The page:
March 24, 2009

Productivity and Personal Behavioral Style - DISC

Become More Powerful, Profitable and Productive. Who you are makes a difference in how you work! The search for productivity continues as we see how we can get more done with the same or less people in an environment in which businesses shrink with declining sales. An example is the post office laying off staff and reducing daily service. The impact of the web has dramatically cut their patronage, plus the postal service legacy of poor customer service that has driven customers away to UPS and other carriers. Productivity challenges come whether we cause them or not. Our task is to keep on keeping on.
By now, most of the working world is aware that we each work at different paces based on our preferred behavioral styles. Some of us rush through our work, while others ponder what's on their desks before they start work on it. Others want to collaborate with teams while others work by the rules. So how do we know our preferences?
If you agree with the old adage "the people make the place," then you'll understand why the use of personality assessments in business and industry continues to grow in popularity. Behavior assessments tap into each individual's unique "operating system," yielding key insights into people's individual drives, temperaments and motivations (e.g., why you might enjoy poring over PandL statements for hours on end, while I'd prefer to be out building relationships with customers). There is an explicit connection between how well a person fits his or her job, his or her productivity and, ultimately, a company's bottom line.
I believe these behavioral differences make a huge difference in how we work as both individuals and as a team. This is NOT about the quality of our work. It is about the nature of the process. Let us take a closer look at these behavioral differences and think how they might influence both our productivity and our approach to our work. Since I work with the DiSC program constantly, I believe it provides a good basis for understanding our differences.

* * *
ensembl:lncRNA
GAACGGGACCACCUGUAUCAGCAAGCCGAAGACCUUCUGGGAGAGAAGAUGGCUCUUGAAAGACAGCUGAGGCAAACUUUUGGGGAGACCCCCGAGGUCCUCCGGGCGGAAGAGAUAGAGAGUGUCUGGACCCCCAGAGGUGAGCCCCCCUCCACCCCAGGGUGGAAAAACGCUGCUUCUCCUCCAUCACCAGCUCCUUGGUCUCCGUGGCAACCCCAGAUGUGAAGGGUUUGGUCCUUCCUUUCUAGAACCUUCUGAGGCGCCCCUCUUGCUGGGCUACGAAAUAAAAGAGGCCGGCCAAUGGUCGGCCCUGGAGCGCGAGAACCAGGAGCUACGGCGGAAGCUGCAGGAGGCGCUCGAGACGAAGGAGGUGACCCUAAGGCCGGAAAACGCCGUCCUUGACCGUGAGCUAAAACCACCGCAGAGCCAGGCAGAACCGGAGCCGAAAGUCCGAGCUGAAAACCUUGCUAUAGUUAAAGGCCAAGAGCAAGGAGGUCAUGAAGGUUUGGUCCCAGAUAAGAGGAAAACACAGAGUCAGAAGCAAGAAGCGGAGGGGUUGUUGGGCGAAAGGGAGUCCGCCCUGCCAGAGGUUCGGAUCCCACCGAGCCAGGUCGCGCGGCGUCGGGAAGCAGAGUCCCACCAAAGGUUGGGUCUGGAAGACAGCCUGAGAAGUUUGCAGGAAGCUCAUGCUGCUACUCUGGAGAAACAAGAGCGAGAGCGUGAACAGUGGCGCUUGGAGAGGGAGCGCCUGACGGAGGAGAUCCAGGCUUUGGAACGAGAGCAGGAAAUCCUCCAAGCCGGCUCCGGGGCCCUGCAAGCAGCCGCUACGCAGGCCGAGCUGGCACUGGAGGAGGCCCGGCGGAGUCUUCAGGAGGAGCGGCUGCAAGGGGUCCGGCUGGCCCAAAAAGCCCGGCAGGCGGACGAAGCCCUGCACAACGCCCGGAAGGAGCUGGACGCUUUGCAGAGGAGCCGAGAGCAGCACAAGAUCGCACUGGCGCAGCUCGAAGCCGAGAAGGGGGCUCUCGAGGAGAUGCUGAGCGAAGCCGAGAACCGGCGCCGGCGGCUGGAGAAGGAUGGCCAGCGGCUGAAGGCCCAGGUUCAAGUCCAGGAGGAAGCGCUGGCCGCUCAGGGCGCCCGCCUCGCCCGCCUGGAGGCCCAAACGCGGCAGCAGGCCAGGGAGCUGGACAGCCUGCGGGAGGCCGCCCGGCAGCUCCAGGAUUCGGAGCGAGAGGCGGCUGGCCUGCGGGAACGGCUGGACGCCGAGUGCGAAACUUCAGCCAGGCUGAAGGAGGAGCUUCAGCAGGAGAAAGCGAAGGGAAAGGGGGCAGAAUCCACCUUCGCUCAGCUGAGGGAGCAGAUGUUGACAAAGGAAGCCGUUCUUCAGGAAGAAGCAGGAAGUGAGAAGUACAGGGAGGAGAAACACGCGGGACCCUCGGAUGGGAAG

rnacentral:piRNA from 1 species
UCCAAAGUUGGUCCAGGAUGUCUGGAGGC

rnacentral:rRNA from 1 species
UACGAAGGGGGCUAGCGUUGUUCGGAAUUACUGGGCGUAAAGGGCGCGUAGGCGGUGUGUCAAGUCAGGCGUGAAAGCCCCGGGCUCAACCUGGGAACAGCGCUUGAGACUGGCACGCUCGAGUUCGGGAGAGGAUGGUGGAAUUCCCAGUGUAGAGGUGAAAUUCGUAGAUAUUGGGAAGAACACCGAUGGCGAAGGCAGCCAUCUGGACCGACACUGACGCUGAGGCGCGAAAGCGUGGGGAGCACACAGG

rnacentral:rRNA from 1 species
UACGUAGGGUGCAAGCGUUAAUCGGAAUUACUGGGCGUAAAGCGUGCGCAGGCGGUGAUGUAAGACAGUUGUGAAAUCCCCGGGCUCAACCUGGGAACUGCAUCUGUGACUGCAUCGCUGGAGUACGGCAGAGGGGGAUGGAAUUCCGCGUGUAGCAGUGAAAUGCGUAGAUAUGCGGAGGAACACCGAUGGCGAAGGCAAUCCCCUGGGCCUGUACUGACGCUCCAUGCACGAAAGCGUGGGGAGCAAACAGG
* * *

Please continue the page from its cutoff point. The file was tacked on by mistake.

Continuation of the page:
There are four Classic DiSC styles: DiSC is a model of human behavior that helps to understand "why people do what they do." The dimensions of Dominance, influencing, Steadiness, and Conscientiousness make up the model and interact with other factors to describe human behavior.
Effective Traits:
Direct, Self Assured, Gets Results
Ineffective Traits:
Dictatorial, Demanding, Sarcastic
Productivity Traits:
Fast Acting & Immediate Results but QC may suffer a bit
Effective Traits:
People Oriented, Persuasive
Ineffective Traits:
Talks too much, Lacks Focus
Productivity Traits:
People come first and work may come next

Effective Traits:
Accurate, Detail Oriented
Ineffective Traits:
Perfectionistic, Accurate, Critical
Productivity Traits:
High standards and details may slow down the output
Effective Traits:
Listener, Loyal, Consistent
Ineffective Traits:
Indecisive, resists change
Productivity Traits:
Focus on tasks where job completion may come before quality

DiSC is the universal language for describing the intersection of observable behavior and emotions. As someone said, knowing this language of behavior helps us manage the "how" in our lives – how we deal with problems, how we communicate with others, how we handle change, how we follow rules.
We have found that with DiSC knowledge of who you are, you learn to be more productive and work effectively with others while helping your organizations develop productive teams because they know how to communicate. It is just as helpful as knowing French would be in going to France.
Each of us has developed a distinct way of thinking, feeling and acting, which becomes our behavioral style. Our unique patterns distinguish us from one another, and express our individual identities just like our thumbprint. Each DiSC style has great strengths, and potential limitations if overused. Remember that any strength taken too far becomes a weakness.
Consider yourself in these four styles. Which one is most like you? Many of us have one dominant style and a secondary style close behind. For example, I have a high influence style but my Dominance style is right behind.
So each day, I have a little happy dance as to which style rules my day. Usually I choose Influence, because of the people orientation, but when I need to get things DONE, I move into the Dominance style. In terms of productivity, I have developed tools that keep me on track with the tasks in front of me. They include the High Value Activity chart I use every day and other tools that project and track my work.
Knowing who we are is NOT a label. It is the most insightful tool I can have in my work.

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